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Gold and two silvers for GB&NI

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Dwain Chambers
Gold for new European 60m record holder Chambers

8 March 2009

The Aviva Great Britain and Northern Ireland Team won three medals on the final day of action at the European Indoor Championships in Turin, Italy on Sunday.

Dwain Chambers (Belgrave Harriers) justified his favourite tag by storming to gold in the men’s 60m and the 4x400m men’s and women’s teams both took silver to bring GB & NI’s overall medal count to four, following Mo Farah’s 3000m gold on Saturday.

Chambers won the men’s 60m one day after setting a new European record of in the semi-final rounds. He never looked like beaten as romped home in 6.46, one tenth of a second in front of the silver medallist Fabrio Cerutti (Italy).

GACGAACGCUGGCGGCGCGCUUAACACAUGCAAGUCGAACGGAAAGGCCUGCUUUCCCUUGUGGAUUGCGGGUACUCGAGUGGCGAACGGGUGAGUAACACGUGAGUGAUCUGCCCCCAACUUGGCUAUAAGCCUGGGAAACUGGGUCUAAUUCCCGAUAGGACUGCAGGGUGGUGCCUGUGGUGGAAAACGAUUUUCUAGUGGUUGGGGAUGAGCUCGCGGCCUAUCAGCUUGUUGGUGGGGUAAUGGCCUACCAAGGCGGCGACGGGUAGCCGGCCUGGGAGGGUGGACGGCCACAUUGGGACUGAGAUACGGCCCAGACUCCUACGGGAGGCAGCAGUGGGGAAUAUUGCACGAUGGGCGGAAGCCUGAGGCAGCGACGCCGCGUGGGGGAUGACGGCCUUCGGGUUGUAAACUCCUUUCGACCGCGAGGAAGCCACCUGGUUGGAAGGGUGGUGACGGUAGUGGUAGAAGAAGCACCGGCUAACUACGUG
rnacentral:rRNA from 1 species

Chambers said: “I wanted to go quicker but I had to make a decision- a world record or a gold medal. I was more concerned about someone else winning, so I just ran. The record was on but my legs were caned from the semis and I was just running on fumes. I did what was needed to get the medal.

“It’s just a great feeling to be back on that rostrum in my national colours and writing my name in history. I’ll celebrate with a glass of wine now.”

Simeon Williamson (Highgate Harriers) was certainly in the running for a medal, after positive performances in the qualifying stages of the competition but was narrowly pushed into fourth place in a photo-finish. He finished an agonising one hundredth of a second behind bronze place in 6.57.

Craig Pickering (Marshall Milton Keynes) was just behind his teammate, crossing the line in fifth with 6.61. Pickering said: “I think I’m capable of running the times required for a silver medal today, that’s what’s so disappointing.